Sex offenders on social media? The rules, the reality, and what to watch out for

Sex offenders on social media?

CINCINNATI, OH (FOX19) - Here’s the big problem with using social media and tracking registered sex offenders -- in the time it would take authorities to get one social media account closed, the offender could have already opened three more.

There are 1.5 billion users on Facebook every day, but among those profiles are people who are not allowed to be on the platform, according to Facebook. These are people like 57-year-old Robert Gale Wojda, a convicted sex offender in Ohio and two other states.

“Part of his probation was that he was not supposed to be on social media of any kind, whatsoever,” said Mary Gary-Ford, a detective specializing in internet crimes with the Richmond (Virginia) Police Department.

And yet there he was, using Facebook to engage in sexually explicit conversations with minors.

“Thankfully his probation officer just checked and she found a Facebook profile for him with his photo and you could tell he was actively liking posts,” said Gary-Ford.

Wojda admitted to sending explicit photographs through Facebook. He recently pleaded no contest to electronic solicitation of a minor and is now serving 20 years in a Virginia prison.

Police say Wojda is far from the only predator using social media. Facebook has a specific policy that bans convicted sex offenders. But in less than two hours, FOX19′s investigation easily tracked down 16 different registered sex offenders with what appeared to be active Facebook profiles. FOX19 reported its findings to Facebook.

The site immediately launched an investigation and disabled the accounts.

Hamilton County Sheriff’s Deputy Margo Kuderer says there isn’t a law against them using social media unless they’re on parole or probation.

“Once they’re off probation they’re fair game,” Kuderer said. “They can do whatever they please. They are required to register their Facebook, email accounts, and so forth.”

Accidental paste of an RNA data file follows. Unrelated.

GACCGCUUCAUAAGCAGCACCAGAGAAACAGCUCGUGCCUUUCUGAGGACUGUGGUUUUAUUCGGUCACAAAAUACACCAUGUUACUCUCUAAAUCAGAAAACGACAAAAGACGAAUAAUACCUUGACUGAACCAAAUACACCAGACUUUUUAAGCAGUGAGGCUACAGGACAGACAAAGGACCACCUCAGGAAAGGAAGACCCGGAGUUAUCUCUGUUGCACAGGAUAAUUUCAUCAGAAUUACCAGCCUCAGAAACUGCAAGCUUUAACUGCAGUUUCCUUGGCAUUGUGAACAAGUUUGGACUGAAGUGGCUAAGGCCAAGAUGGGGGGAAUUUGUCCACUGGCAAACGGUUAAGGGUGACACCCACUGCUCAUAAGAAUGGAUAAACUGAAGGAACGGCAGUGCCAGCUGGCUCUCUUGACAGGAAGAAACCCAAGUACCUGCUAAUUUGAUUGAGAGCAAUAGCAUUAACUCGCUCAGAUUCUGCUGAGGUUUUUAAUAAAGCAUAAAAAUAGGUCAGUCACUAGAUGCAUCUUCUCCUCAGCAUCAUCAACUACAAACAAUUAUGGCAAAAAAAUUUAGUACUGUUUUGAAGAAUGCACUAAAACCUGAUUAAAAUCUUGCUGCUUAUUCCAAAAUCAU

Investigators now ask parents to have age-appropriate, non-judgmental conversations with their kids.

“Hey this is something that could happen,” said Gary-Ford. “If it does, just stop what you’re doing, come to me. Talk to me. We’ll work it out together. You’re not in trouble.”

Kuderer mentioned an example of an offender who was taking photos off of a female’s Facebook page.

“Of her children,” Kuderer said. “Would post them onto his Facebook page, but nobody could do anything because it’s not illegal. When you put your picture out there anybody can copy it.”

Deputies say there are steps you can take right now to make sure predators do not target your kids. First, never let them have their phones in their bedrooms at night. And only let your children use tablets and computers in a room where you can monitor what they’re doing.

You can use these links to track sex offenders near your neighborhood right now:

Do your research and know the apps that are out there, including one that looks like a calculator but really hides photos.

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